Teen to transform into prince
Three years of fulltime dance study at a Michigan arts academy leaves Blenheim dancer Joshua Guillemot-Rodgerson ready for more.
But before he returns to the United States to start a four-year degree at Juilliard School in New York, he will dance as Prince Siegfried in Swan Lake with the Marlborough Dance Centre.
Ninety-five of its dancers, aged from 4 to 30, are being directed by Jeannie Mark for the classic ballet production. Joshua, 17, is looking forward to joining them in the final rehearsals as everyone prepares for the show, starting on July 6.
Much of his childhood was spent in Blenheim and his grandparents, Barbara and Mike Guillemot, still live here. Joshua and his mother, Dee, were at their house last Friday and he had time for a half-hour chat before racing off to be a judge at the weekend's Blenheim dance competitions.
Competitions help young dancers grow, says Joshua, whose own career started when he was 4. A brief infatuation with ballroom dancing was followed by 10 years of tap before he started learning ballet.
Ballet offered more long-term career opportunities than tap, he says. And a year after he had switched codes, he won a scholarship to study at the Interlochen Arts Academy in Traverse City, northern Michigan.
For three years he followed its timetable: academic studies in the morning, five hours of dance classes in the afternoon. Then, conscious his ballet training was eight or 10 years behind his contemporaries, Joshua did extra dance training in the evenings.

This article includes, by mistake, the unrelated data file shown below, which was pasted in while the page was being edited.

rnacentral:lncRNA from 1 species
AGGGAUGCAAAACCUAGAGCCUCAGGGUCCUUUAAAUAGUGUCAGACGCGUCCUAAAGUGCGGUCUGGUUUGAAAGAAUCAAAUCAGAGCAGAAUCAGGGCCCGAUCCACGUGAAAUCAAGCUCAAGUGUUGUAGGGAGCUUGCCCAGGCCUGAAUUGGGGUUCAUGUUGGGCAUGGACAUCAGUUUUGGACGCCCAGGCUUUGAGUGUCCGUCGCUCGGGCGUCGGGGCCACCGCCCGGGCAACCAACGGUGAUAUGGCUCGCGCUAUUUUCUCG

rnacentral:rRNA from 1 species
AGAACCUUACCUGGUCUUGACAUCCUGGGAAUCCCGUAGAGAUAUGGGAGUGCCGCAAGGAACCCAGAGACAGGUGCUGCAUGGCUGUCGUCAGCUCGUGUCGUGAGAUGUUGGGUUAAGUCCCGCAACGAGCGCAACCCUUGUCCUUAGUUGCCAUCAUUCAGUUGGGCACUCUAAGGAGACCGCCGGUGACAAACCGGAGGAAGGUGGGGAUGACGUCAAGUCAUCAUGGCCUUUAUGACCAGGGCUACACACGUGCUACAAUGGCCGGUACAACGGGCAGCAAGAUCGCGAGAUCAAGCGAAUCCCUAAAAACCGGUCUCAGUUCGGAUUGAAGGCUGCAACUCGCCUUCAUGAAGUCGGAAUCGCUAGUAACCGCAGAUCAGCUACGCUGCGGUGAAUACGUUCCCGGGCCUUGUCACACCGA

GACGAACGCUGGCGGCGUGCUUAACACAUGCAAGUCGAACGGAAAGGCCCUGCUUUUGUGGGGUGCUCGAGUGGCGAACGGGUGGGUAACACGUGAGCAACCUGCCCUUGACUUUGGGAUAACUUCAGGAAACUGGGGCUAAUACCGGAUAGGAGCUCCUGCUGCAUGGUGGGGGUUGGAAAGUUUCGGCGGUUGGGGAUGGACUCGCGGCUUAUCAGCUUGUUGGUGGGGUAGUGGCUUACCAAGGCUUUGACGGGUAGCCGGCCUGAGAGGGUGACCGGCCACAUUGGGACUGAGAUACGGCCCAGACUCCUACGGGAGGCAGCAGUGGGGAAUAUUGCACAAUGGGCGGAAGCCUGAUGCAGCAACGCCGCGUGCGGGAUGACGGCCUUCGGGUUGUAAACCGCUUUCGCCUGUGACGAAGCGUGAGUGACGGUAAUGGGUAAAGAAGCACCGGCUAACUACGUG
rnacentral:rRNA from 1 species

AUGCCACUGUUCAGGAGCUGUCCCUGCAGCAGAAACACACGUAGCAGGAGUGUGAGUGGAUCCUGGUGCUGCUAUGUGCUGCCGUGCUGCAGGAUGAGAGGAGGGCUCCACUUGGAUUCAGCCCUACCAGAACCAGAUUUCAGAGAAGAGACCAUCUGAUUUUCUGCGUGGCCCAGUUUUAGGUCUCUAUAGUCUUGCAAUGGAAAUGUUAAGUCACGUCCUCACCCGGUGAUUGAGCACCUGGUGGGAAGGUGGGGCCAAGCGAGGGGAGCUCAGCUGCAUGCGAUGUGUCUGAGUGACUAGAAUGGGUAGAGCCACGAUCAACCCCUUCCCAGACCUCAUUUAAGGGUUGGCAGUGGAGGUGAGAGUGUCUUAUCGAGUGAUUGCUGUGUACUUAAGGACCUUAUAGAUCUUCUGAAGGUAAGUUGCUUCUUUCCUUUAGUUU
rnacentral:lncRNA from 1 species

His efforts paid off and last month he graduated from the academy with its "most outstanding citizen award". He also won an award for English, received the 10th highest mark for French in the United States and was accepted into the Juilliard School in New York. He goes there in August to start a four-year fine arts degree in dance.
A scholarship covers Joshua's tuition fees but he still has to find a way of financing day-to-day living costs.
A Juilliard degree is seen as a "gold ticket" for dancers, though, with graduates enjoying a 100 per cent employment rate, Joshua says.
With the wide horizons of youth, his career ambitions include joining the Netherlands Dance Theatre - one of the best groups he has seen perform - or if he returns home, the Royal New Zealand Ballet. Then, as he ages and younger dancers compete for lead roles, he sees choreography or teaching dance as likely career options.
In the meantime, there are steps to perfect for his role in Swan Lake and he is looking forward to working with Jeannie Mark, her daughter, Gabrielle, who will dance as the White Swan, and Kelly Webster, the Black Swan.
Swan Lake is one of the most famous ballets in the world and also one of the most difficult, the young dancer reckons.
Swan Lake will be performed at 6.30pm on Friday, July 5, and Saturday, July 6, then 2pm on Sunday, July 8, at the Floor Pride Civic Theatre, Blenheim.
The Marlborough Express